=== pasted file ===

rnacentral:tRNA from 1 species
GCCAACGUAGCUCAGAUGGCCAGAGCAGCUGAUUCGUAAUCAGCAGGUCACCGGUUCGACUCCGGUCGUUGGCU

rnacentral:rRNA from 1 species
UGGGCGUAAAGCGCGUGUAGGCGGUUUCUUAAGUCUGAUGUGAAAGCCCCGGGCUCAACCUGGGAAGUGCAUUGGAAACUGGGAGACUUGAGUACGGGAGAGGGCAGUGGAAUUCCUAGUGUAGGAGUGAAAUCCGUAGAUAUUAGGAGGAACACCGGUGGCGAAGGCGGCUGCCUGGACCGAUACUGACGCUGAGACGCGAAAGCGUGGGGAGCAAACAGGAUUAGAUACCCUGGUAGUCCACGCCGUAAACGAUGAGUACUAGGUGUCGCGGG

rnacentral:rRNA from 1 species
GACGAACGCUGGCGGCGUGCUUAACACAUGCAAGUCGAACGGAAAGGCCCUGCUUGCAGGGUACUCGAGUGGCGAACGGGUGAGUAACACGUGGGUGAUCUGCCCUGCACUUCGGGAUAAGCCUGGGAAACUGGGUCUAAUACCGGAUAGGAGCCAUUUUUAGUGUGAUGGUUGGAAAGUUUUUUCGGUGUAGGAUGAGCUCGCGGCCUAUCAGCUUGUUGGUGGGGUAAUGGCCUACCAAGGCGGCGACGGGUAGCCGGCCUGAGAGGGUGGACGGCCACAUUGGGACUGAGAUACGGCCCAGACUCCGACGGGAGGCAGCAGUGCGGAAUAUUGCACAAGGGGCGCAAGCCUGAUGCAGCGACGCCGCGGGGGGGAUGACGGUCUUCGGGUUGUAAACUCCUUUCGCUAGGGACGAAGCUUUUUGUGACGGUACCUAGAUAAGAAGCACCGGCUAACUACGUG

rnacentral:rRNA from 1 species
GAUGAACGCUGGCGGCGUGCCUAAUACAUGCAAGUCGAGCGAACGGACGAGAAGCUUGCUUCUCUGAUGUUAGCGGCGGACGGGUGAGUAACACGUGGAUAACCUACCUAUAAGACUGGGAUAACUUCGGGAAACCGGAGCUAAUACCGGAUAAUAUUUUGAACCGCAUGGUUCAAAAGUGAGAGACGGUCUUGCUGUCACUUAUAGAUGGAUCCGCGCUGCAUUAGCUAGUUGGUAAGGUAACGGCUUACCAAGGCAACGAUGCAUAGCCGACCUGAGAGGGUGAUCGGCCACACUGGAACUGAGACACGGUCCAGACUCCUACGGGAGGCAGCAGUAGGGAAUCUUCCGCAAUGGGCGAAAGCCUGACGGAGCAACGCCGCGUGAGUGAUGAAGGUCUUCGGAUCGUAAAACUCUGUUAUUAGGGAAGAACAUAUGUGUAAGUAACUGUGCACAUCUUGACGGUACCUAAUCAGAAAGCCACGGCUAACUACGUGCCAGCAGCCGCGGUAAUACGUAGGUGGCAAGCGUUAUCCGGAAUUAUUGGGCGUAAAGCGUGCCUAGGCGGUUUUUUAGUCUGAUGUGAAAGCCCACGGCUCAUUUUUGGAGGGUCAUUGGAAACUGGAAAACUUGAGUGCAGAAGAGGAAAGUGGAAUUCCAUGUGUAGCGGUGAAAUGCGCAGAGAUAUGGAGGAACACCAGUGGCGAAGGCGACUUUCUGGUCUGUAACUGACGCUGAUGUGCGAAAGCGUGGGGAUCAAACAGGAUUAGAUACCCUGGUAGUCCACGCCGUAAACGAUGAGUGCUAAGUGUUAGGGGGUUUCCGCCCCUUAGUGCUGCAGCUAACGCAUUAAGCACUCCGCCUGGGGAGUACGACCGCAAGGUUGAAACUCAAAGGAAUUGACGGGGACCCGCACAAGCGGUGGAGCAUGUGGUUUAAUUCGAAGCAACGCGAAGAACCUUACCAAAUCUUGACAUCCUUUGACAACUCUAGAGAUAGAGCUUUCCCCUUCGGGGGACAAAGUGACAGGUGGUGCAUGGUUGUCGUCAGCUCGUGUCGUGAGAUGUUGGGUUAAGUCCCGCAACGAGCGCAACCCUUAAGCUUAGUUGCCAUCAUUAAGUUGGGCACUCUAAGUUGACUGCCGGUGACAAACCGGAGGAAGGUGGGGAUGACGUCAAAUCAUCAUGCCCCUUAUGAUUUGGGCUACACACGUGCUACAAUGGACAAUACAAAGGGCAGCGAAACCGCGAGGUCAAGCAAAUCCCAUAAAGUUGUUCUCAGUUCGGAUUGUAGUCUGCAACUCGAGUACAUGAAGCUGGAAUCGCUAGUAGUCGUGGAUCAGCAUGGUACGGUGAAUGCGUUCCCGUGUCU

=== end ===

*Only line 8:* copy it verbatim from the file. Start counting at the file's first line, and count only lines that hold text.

GAUGAACGCUGGCGGCGUGCCUAAUACAUGCAAGUCGAGCGAACGGACGAGAAGCUUGCUUCUCUGAUGUUAGCGGCGGACGGGUGAGUAACACGUGGAUAACCUACCUAUAAGACUGGGAUAACUUCGGGAAACCGGAGCUAAUACCGGAUAAUAUUUUGAACCGCAUGGUUCAAAAGUGAGAGACGGUCUUGCUGUCACUUAUAGAUGGAUCCGCGCUGCAUUAGCUAGUUGGUAAGGUAACGGCUUACCAAGGCAACGAUGCAUAGCCGACCUGAGAGGGUGAUCGGCCACACUGGAACUGAGACACGGUCCAGACUCCUACGGGAGGCAGCAGUAGGGAAUCUUCCGCAAUGGGCGAAAGCCUGACGGAGCAACGCCGCGUGAGUGAUGAAGGUCUUCGGAUCGUAAAACUCUGUUAUUAGGGAAGAACAUAUGUGUAAGUAACUGUGCACAUCUUGACGGUACCUAAUCAGAAAGCCACGGCUAACUACGUGCCAGCAGCCGCGGUAAUACGUAGGUGGCAAGCGUUAUCCGGAAUUAUUGGGCGUAAAGCGUGCCUAGGCGGUUUUUUAGUCUGAUGUGAAAGCCCACGGCUCAUUUUUGGAGGGUCAUUGGAAACUGGAAAACUUGAGUGCAGAAGAGGAAAGUGGAAUUCCAUGUGUAGCGGUGAAAUGCGCAGAGAUAUGGAGGAACACCAGUGGCGAAGGCGACUUUCUGGUCUGUAACUGACGCUGAUGUGCGAAAGCGUGGGGAUCAAACAGGAUUAGAUACCCUGGUAGUCCACGCCGUAAACGAUGAGUGCUAAGUGUUAGGGGGUUUCCGCCCCUUAGUGCUGCAGCUAACGCAUUAAGCACUCCGCCUGGGGAGUACGACCGCAAGGUUGAAACUCAAAGGAAUUGACGGGGACCCGCACAAGCGGUGGAGCAUGUGGUUUAAUUCGAAGCAACGCGAAGAACCUUACCAAAUCUUGACAUCCUUUGACAACUCUAGAGAUAGAGCUUUCCCCUUCGGGGGACAAAGUGACAGGUGGUGCAUGGUUGUCGUCAGCUCGUGUCGUGAGAUGUUGGGUUAAGUCCCGCAACGAGCGCAACCCUUAAGCUUAGUUGCCAUCAUUAAGUUGGGCACUCUAAGUUGACUGCCGGUGACAAACCGGAGGAAGGUGGGGAUGACGUCAAAUCAUCAUGCCCCUUAUGAUUUGGGCUACACACGUGCUACAAUGGACAAUACAAAGGGCAGCGAAACCGCGAGGUCAAGCAAAUCCCAUAAAGUUGUUCUCAGUUCGGAUUGUAGUCUGCAACUCGAGUACAUGAAGCUGGAAUCGCUAGUAGUCGUGGAUCAGCAUGGUACGGUGAAUGCGUUCCCGUGUCU